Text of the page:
There is a myriad of recognizable characters in the movie. In addition, the state of New Jersey itself is like another character, as it was on the television series.
The movie takes place in one of the most tumultuous eras in Newark’s history—a time when young Anthony Soprano was becoming a man just as rival gangsters begin to rise up and challenge the all-powerful DiMeo crime family’s hold over the race-torn city.
Gandolfini grew up in North Jersey and Manhattan but said he never had the true sense of “Jersey pride,” or ownership of The Garden State—until recently.
“Ever since I finished the movie, I know it sounds so cheesy, but when I drive under the tunnel,” he says, “I feel so proud to be going into Jersey and to be part of this thing that is so important to so many.”
He said at the heart of all of this is family. “In many ways, my family is a lot; I’m half Italian and my mom is Polish and Russian. There are aspects of The Sopranos; those familial sorts of arguments, the food and the drama that my family has. So, to be a part of something that means so much to the people of New Jersey and the entire Sopranos fan base, there’s just such a love for all of it.”
Before Many Saints, Gandolfini had small roles in the movie Ocean’s 8 and TV’s The Deuce, so this was a major acting challenge and monumental career opportunity.
When asked how the role has changed him, he replies, “I’d say it changed me the most by being able to walk away becoming a better actor. Getting to work with Alessandro, David and the incredible cast—Jon Bernthal, Leslie Odom Jr., Corey Stoll and Vera Farmiga—was such a gift for a young actor.”
And the most important lesson? “That listening is a really important thing for an actor. And when you go to acting school and acting class, you don’t really get what that means.
“I remember, I think on the second day of [a particular] scene, it just really clicked. Like all I have to do is look at Alessandro and he’ll take me along with him,” Gandolfini recalls. “And that has remained one of the greatest acting gifts I’ve ever had, so I believe I’ve walked away knowing how to do my job correctly.”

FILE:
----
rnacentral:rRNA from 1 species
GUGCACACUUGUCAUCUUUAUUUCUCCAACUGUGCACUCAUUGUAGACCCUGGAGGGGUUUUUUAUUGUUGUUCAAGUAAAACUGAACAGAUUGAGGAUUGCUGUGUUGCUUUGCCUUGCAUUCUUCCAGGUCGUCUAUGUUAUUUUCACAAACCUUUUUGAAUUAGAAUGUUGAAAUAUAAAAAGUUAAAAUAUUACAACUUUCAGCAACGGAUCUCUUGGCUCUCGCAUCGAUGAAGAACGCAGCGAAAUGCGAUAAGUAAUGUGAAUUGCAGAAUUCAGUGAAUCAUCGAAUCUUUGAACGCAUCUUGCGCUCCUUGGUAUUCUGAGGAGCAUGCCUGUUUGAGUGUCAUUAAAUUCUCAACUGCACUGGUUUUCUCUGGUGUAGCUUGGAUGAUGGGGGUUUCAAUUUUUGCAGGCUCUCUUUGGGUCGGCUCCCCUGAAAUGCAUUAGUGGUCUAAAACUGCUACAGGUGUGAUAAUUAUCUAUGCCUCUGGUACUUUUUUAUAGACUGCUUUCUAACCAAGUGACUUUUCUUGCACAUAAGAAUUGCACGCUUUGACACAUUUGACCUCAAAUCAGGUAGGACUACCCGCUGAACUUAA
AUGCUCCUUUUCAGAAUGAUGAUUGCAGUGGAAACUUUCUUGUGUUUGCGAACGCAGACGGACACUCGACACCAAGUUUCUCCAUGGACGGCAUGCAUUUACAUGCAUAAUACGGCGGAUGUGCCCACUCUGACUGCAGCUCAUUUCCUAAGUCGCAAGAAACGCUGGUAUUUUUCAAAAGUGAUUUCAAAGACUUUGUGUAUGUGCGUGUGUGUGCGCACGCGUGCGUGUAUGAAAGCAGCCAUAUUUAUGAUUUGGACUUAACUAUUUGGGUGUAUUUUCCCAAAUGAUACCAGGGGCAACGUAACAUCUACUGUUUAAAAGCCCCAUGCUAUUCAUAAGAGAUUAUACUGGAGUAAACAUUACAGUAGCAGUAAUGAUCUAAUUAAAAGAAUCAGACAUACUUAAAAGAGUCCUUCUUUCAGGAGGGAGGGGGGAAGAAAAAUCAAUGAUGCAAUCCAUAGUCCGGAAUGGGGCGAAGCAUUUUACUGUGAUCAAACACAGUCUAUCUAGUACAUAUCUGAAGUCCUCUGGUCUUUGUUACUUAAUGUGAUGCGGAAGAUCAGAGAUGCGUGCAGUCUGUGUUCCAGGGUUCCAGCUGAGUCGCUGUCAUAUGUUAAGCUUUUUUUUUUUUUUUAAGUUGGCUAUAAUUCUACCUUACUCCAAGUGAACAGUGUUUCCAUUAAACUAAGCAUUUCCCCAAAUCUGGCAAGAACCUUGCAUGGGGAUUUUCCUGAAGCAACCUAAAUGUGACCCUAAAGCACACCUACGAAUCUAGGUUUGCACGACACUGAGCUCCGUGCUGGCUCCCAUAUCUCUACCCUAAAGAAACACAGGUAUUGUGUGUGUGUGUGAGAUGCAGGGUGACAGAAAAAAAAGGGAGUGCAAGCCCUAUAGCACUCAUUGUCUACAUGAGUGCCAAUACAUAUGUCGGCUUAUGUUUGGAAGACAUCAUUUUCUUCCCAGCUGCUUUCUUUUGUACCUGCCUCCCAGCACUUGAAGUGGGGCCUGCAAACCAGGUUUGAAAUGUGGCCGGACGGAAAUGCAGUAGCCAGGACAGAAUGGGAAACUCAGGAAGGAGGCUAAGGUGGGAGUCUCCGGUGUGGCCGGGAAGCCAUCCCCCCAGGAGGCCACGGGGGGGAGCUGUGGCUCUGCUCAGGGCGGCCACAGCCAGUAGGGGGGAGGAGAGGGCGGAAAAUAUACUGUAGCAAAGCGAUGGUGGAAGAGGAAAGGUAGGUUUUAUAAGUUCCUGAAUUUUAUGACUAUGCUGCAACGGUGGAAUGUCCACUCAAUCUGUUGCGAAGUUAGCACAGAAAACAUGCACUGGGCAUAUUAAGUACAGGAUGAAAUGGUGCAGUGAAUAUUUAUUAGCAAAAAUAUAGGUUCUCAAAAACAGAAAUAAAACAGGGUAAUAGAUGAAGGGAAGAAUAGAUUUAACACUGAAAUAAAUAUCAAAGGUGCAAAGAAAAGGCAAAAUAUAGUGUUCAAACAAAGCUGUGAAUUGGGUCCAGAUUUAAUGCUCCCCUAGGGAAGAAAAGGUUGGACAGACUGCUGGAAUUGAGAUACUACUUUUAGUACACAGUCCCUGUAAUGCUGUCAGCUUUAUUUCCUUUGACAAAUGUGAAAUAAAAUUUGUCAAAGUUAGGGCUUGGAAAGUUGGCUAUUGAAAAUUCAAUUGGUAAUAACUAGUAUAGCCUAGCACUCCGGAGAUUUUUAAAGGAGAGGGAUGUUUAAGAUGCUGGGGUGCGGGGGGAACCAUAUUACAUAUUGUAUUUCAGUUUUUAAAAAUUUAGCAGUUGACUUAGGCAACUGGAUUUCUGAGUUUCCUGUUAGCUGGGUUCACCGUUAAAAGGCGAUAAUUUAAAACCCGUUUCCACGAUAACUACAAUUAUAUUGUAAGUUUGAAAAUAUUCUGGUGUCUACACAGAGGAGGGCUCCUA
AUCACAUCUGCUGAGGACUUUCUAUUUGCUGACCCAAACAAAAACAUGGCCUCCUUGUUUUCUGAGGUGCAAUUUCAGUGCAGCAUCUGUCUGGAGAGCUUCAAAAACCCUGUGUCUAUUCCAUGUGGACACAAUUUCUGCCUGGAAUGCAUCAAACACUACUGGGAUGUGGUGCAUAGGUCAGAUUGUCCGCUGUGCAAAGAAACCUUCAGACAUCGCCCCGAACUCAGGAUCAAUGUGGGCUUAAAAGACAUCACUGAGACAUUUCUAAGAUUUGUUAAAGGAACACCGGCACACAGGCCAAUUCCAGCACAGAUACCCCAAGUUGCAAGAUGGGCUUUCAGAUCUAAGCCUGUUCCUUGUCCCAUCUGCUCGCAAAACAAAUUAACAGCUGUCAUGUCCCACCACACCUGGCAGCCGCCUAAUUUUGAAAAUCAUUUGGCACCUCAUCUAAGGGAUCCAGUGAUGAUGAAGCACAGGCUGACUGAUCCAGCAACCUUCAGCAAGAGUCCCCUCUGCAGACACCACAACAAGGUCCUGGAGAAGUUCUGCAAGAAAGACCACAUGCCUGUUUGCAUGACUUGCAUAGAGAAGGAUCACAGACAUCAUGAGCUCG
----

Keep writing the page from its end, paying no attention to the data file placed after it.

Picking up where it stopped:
So, did Gandolfini keep any treasures from the set? He smiles and replies, “I kept my letterman football jacket, and I wear the necklace that my dad wore as Tony—I also wore it in the movie.”
Shortly before the release of Many Saints, Chase signed a five-year first-look deal with HBO that opened the door to expanding The Sopranos universe. For the first time in 14 years, HBO released new original Sopranos’ content, and Chase’s new agreement means he will develop more movies and shows for HBO, HBO Max and Warner Bros. Pictures.
Chase, considered to be a truly gifted storyteller, recently revealed that he may be more open to the idea of expanding The Sopranos story than he was previously. Chase has said he would consider a sequel to The Many Saints of Newark, following Tony’s journey into his 20s.
How does Gandolfini feel about expanding Many Saints in the future?
“It’s David’s characters and his world,” he replies with a smile. “If there’s something more, another two hours to talk about something new with Tony, then yeah, I’d be crazy not to join in. As long as Dickie comes back in dream sequences. I love working with David Chase and everyone else. Why not?”
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Published and copyrighted in South Jersey Magazine, Volume 18, Issue 8 (November 2021)
Author: Debra Wallace